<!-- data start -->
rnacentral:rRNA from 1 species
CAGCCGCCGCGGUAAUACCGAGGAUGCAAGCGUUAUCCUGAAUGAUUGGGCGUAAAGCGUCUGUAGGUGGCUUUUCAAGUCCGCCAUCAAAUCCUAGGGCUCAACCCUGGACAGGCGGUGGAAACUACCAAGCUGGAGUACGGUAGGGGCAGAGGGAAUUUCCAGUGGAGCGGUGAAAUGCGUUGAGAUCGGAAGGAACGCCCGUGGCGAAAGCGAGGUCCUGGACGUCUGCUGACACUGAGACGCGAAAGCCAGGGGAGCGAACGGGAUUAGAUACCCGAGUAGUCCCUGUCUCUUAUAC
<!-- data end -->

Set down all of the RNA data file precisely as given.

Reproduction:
rnacentral:rRNA from 1 species
CAGCCGCCGCGGUAAUACCGAGGAUGCAAGCGUUAUCCUGAAUGAUUGGGCGUAAAGCGUCUGUAGGUGGCUUUUCAAGUCCGCCAUCAAAUCCUAGGGCUCAACCCUGGACAGGCGGUGGAAACUACCAAGCUGGAGUACGGUAGGGGCAGAGGGAAUUUCCAGUGGAGCGGUGAAAUGCGUUGAGAUCGGAAGGAACGCCCGUGGCGAAAGCGAGGUCCUGGACGUCUGCUGACACUGAGACGCGAAAGCCAGGGGAGCGAACGGGAUUAGAUACCCGAGUAGUCCCUGUCUCUUAUAC